New cystic fibrosis biotech aims to take a different approach than Vertex

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California-based Synedgen has spun out its experimental cystic fibrosis treatments into a new biotech to be based in the Boston area, with an eye toward complementing existing drugs for the lung disease.

The new company, called Synspira, launched on Thursday with $8 million in financing from an anonymous investor and an exclusive license to privately-held Synedgen’s preclinical program for cystic fibrosis. Synspira is operating virtually — the CEO, Synedgen chief operating officer Shenda Baker, is its only current full-time employee — but the company is looking for physical office space in the Boston area.

The best-selling drugs for cystic fibrosis, made by Boston-based Vertex Pharmaceuticals (Nasdaq: VRTX), target the underlying cause of the disease — a wide range of genetic mutations. Synspira, by contrast, is developing treatments that target the buildup of mucus and bacteria in the lungs. Doing so could boost the effectiveness of antibiotics and improve lung function, the company believes.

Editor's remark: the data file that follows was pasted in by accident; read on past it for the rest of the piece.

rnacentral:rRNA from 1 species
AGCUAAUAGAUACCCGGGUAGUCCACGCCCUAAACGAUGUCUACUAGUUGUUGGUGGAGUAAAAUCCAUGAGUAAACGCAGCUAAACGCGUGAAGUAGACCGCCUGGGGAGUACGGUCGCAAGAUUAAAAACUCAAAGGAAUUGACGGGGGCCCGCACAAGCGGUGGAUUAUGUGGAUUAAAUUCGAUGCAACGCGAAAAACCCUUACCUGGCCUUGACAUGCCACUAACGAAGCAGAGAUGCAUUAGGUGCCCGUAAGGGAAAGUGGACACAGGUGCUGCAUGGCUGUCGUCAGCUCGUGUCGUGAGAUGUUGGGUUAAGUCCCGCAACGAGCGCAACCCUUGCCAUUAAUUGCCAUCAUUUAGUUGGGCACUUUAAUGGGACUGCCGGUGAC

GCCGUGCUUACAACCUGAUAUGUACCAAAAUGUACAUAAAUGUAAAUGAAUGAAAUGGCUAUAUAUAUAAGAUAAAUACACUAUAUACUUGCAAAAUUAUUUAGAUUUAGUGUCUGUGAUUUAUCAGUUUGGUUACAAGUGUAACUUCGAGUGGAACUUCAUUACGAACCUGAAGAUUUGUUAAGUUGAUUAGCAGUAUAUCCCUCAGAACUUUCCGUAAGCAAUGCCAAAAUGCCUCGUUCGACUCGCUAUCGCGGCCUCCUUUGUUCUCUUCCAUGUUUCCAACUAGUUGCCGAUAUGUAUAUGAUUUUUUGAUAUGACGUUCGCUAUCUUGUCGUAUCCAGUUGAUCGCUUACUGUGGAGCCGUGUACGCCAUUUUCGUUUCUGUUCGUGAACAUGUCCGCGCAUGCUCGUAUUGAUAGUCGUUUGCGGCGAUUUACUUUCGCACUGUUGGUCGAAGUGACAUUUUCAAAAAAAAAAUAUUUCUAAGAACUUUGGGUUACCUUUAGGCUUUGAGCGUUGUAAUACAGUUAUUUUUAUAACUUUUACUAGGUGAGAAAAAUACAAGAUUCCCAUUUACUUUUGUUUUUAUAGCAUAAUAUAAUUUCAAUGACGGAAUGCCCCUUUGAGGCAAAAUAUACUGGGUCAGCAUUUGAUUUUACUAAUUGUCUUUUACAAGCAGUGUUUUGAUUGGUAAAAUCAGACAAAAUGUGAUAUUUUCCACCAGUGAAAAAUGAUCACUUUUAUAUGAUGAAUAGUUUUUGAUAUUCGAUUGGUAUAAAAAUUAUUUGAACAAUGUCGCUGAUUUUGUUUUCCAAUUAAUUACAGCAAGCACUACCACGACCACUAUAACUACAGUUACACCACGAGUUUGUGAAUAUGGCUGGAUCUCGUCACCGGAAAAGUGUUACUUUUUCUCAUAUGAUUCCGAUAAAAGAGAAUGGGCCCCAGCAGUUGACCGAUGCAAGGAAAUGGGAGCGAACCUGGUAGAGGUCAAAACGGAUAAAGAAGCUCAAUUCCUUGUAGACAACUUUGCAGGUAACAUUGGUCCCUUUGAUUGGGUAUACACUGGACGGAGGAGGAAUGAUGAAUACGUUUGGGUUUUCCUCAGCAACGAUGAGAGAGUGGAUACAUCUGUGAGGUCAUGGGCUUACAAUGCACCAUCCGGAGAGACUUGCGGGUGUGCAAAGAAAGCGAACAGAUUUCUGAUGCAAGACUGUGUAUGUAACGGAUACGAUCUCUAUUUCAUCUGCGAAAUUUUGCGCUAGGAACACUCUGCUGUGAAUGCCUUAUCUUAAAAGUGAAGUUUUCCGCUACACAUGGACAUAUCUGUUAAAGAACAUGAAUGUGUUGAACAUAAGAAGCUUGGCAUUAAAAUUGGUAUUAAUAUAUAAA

The drugs are made of modified sugar molecules, which are designed to loosen mucus and prevent the buildup of bacteria on the surface of the lungs — a condition that can act as a shield to antibiotics. Synspira’s most advanced drug is expected to enter a Phase 1 study in 2018, Baker said in an interview.

“There are dozens of different (genetic) defects, and it’s hard to target them all,” she said. “As Vertex’s drugs and others’ move forward, our drug will be able to assist in pulmonary decline, by clearing out and removing infections that make lungs function less effectively.”

Among local firms, Norwood-based Corbus Pharmaceuticals is also developing a cystic fibrosis drug that is designed to manage the potentially deadly inflammation caused by the disease. That treatment is in mid-stage studies.

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